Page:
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Who will be left out of next Knesset?
Photo: Moran Azulay
Government to approve raising electoral threshold to 4%
If reform becomes law, small factions would be forced to merge or join larger parties. MK Tibi: Proposal targets Arab parties

Likud-Beiteinu, Yesh Atid and Habayit Hayehudi, the major prospective coalition partners in Israel's next government, have yet to agree on the distribution of ministerial portfolios, but they have reached an agreement according to which the threshold for Knesset representation would be raised from 2% to 4% as of the next election, Yedioth Ahronoth reported Wednesday.

 

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The next government is expected to present the reform for the Knesset's approval. If the reform does indeed become law in the next parliament, only factions that win at least five mandates in the elections will be able to make it into the 20th Knesset.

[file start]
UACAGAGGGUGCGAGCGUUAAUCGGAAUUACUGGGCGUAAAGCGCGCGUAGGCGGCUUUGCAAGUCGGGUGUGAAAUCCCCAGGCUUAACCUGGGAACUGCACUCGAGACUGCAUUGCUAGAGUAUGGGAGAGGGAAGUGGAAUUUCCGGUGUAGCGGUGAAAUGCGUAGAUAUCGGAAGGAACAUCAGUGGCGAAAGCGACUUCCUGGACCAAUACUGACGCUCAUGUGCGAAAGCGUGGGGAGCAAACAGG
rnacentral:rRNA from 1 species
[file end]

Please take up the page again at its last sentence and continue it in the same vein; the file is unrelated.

The demand to raise the electoral threshold was made by Yesh Atid leader Yair Lapid and Yisrael Beiteinu Chairman Avigdor Lieberman. If the reform passes, it would deal a major blow to the Arab parties. In the January 22 elections, Balad won three Knesset seats, United Arab List-Ta'al has four representatives in the current Knesset, and Hadash, a joint Arab-Jewish party, also won four mandates.

 

The three parties would not have passed the proposed electoral threshold, meaning that ahead of the next election they will have to either unite or merge with other political factions.

 

"This proposal is aimed mainly against the Arab parties," said MK Ahmad Tibi of United Arab List-Ta'al. "This is revenge against the small parties, and we will fight the decision."

 

Should the reform become law, Jewish parties will also have to reassess their strategies: Meretz won only three Knesset seats in the last election, and Shaul Mofaz's Kadima party won just two mandates.

 

The reform would pose a challenge to additional small parties such as Ale Yarok, which are usually close to passing the electoral threshold. The proposal would force them to merge with larger parties.

 

The reform is meant to produce a more stable government by reducing the number of factions and creating united political blocs, such as a leftist bloc, an Arab bloc or a haredi bloc.

  

Tzvika Brot is a Ynet and Yedioth Ahronoth correspondent

 

 

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